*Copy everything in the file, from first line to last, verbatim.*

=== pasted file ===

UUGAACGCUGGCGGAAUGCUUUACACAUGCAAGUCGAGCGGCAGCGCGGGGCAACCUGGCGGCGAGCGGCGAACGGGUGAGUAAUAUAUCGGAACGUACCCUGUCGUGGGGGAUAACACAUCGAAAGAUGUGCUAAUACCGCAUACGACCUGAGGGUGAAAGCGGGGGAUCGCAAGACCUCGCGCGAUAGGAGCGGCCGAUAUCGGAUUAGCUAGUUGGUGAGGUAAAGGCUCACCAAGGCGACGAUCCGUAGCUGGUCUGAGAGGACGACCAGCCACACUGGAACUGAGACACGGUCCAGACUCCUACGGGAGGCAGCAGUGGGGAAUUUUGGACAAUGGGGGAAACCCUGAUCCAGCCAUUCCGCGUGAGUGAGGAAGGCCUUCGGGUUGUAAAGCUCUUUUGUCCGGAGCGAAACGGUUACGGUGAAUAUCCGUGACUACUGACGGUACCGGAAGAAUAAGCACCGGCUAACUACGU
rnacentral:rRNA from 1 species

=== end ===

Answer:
UUGAACGCUGGCGGAAUGCUUUACACAUGCAAGUCGAGCGGCAGCGCGGGGCAACCUGGCGGCGAGCGGCGAACGGGUGAGUAAUAUAUCGGAACGUACCCUGUCGUGGGGGAUAACACAUCGAAAGAUGUGCUAAUACCGCAUACGACCUGAGGGUGAAAGCGGGGGAUCGCAAGACCUCGCGCGAUAGGAGCGGCCGAUAUCGGAUUAGCUAGUUGGUGAGGUAAAGGCUCACCAAGGCGACGAUCCGUAGCUGGUCUGAGAGGACGACCAGCCACACUGGAACUGAGACACGGUCCAGACUCCUACGGGAGGCAGCAGUGGGGAAUUUUGGACAAUGGGGGAAACCCUGAUCCAGCCAUUCCGCGUGAGUGAGGAAGGCCUUCGGGUUGUAAAGCUCUUUUGUCCGGAGCGAAACGGUUACGGUGAAUAUCCGUGACUACUGACGGUACCGGAAGAAUAAGCACCGGCUAACUACGU
rnacentral:rRNA from 1 species